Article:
My Beginner’s Understanding of Investing – Part 7: Passive Investing

Ok, so let’s recap (so my Pattern Thinking brain can know exactly how it all fits together!) on what I have learnt so far:

So let’s discuss passive investing a bit more. Since my last post my brother has pointed me to this article, which states that it shouldn’t be passive investing OR active investing. But rather, passive investing AND active investing. This is because they actually complement each other. Basically, they perform best in completely separate areas of the equities market (check out the article, dear Reader, it’s got some great diagrams/pictures that make it easy to get the basic picture 🙂 ), which means that they can actually be friends:

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Frankly, I was relieved when I read this article. This is because it was bothering me that I couldn’t understand why the industry of actively managed funds exists if passively managed funds consistently do better in the long run. Also, I’m totally a fan of inclusivity and to be honest I was starting to feel sorry for the poor actively managed funds who nobody seemed to want…

Having said that though, I’m not running head-first into actively managed funds just yet. Definitely later but for now we are just starting our investing journey and so I want to begin with the easy, couch potato route i.e. invest in the well-established, large, general market (as opposed to niche areas) using passive investing.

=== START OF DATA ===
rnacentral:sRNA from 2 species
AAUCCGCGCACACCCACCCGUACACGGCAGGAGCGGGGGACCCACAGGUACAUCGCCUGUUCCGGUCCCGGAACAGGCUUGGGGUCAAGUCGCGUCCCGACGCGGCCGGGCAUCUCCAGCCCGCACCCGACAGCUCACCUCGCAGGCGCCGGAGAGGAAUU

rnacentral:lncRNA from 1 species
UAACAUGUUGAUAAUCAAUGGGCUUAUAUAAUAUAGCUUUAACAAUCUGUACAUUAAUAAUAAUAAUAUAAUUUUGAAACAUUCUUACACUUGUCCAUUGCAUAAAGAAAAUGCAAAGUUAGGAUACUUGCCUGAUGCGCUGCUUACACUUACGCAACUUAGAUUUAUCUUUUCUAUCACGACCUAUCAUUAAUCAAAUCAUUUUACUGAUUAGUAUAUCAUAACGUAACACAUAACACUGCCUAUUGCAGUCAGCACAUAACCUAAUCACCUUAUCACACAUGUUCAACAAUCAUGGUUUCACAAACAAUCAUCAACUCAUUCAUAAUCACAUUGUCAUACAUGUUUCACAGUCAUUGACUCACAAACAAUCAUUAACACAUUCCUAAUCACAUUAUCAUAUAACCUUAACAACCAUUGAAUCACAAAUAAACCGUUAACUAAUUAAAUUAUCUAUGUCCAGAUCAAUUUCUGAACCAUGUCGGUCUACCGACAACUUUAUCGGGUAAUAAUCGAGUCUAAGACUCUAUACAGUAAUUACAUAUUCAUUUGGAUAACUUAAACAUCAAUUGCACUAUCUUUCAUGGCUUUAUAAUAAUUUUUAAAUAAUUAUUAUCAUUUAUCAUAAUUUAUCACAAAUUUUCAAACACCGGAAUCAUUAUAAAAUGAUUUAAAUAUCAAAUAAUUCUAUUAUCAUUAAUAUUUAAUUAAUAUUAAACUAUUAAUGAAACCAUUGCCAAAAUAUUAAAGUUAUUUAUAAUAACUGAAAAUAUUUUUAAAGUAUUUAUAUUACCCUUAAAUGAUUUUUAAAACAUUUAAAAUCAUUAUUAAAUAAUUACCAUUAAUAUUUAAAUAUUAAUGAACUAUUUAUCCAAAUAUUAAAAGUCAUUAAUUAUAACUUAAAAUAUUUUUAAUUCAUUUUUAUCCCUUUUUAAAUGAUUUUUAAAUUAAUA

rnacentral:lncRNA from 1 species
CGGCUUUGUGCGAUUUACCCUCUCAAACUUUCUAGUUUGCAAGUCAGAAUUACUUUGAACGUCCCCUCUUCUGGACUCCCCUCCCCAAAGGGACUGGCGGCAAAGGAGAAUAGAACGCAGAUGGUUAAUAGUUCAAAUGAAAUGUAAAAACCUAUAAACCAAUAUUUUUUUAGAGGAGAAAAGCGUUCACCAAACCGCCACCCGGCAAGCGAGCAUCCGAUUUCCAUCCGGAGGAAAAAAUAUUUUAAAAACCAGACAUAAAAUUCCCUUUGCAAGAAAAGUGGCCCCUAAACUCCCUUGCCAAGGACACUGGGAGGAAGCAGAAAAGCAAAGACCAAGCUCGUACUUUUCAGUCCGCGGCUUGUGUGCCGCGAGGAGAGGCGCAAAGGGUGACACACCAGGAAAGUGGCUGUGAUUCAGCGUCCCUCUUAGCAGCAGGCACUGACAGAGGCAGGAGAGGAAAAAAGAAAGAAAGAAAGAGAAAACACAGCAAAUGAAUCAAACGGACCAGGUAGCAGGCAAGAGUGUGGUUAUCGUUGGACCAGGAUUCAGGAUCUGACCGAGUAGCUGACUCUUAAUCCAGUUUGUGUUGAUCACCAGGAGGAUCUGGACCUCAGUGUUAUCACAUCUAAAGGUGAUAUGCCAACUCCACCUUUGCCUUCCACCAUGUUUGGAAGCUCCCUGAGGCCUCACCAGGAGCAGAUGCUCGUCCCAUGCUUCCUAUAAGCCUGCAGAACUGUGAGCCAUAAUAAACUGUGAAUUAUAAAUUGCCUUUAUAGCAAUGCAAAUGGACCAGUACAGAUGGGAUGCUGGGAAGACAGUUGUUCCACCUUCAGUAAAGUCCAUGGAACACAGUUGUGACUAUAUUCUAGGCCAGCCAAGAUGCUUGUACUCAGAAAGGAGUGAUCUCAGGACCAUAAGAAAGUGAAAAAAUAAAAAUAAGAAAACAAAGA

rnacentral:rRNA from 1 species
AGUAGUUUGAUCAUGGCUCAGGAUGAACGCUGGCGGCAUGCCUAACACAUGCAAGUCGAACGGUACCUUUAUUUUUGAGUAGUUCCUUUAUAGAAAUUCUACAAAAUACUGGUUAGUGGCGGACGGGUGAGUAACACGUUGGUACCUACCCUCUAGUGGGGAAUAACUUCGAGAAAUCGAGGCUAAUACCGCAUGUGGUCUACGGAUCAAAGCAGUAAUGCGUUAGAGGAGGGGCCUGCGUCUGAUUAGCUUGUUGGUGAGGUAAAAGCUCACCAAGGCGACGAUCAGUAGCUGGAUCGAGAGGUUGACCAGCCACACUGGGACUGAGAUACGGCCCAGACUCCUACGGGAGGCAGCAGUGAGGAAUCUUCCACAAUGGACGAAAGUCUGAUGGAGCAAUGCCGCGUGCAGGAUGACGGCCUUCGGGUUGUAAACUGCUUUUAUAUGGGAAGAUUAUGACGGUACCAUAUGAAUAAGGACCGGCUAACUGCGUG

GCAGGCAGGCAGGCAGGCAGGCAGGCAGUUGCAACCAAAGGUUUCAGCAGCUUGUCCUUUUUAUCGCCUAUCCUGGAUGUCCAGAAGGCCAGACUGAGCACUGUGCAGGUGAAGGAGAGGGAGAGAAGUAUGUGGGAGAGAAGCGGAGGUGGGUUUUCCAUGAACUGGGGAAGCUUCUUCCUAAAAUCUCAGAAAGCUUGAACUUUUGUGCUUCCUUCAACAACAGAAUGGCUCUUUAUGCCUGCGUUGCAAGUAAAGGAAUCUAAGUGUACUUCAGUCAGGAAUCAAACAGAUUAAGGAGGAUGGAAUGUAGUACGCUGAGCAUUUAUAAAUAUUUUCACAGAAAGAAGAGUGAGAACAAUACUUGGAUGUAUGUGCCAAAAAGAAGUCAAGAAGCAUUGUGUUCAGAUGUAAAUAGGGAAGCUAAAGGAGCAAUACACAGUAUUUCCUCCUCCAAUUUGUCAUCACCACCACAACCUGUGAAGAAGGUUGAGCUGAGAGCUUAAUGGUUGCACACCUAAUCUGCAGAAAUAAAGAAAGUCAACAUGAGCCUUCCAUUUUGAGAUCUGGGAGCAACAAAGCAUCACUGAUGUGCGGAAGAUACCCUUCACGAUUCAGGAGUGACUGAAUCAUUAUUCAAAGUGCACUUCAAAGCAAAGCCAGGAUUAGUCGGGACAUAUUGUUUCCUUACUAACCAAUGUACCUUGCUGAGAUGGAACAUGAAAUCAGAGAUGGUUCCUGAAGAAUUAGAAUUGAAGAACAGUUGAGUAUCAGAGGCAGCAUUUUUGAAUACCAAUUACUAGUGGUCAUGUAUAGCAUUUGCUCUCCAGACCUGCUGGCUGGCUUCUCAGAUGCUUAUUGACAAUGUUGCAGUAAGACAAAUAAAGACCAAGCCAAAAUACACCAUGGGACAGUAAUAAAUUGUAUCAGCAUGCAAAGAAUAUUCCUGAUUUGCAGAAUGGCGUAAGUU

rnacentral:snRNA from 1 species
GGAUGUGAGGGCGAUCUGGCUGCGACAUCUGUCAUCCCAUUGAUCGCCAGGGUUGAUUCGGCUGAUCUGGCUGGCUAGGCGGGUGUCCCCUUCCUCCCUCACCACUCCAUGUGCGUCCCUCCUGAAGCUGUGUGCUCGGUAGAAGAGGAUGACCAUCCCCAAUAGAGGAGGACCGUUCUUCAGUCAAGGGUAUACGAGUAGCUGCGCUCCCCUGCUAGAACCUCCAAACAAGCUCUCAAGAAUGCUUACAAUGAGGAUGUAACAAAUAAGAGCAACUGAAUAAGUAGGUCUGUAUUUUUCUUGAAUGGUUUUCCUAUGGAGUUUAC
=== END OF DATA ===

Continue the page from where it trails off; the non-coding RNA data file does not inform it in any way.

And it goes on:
So, what is passive investing?

Passive investing = buying index tracking funds. Great. So, what is a fund I hear you ask, dear Reader? A fund = A lump of money. In the case of passive investing that lump of money buys into a collective investment scheme that copies/tracks/follows a chosen index or market. There are no clever analyses or assessments. It simply tries to copy as closely as possible whatever it is trying to copy. Kind of like the shadow game that we used to play as kids 🙂

For example, the SATRIX 40 in South Africa tracks the top 40 companies in the JSE (South African stock market); and the S&P 500 in the USA tracks 500 companies in the USA stock market. Index tracking funds can track anything: an entire market or a specific industry or section of the market (for example, the housing market or the top 10 companies in a stock market etc). For more information check out Investopedia where it explains really nicely exactly how an index works.

So now that we know what passive investing is, the big question is: why is it so great?

  1. From my beginner’s understanding, one of the beauties of the fact that it tracks an index/market is that it is naturally diversified.
  2. If I buy something like the SATRIX 40 and one of the top 40 companies goes to pot, it’s not a problem. This is because the fund tracks the top 40 – it doesn’t actually care what those top 40 are specifically. (Number gurus please correct me if I’m wrong on this!!)
  3. The brilliance of having no fancy analyses and assessments is that the fees don’t have to pay fancy people to do the fancy analyses and assessments J In other words, the fees tend to be cheaper than actively managed funds (but not always!). The rule is that the higher the fee the harder it is for the fund to track the index/market and so the less likely it will be to do what it’s supposed to. The brilliance of low fees is that there are also less fees compoundly eating away at my returns 😀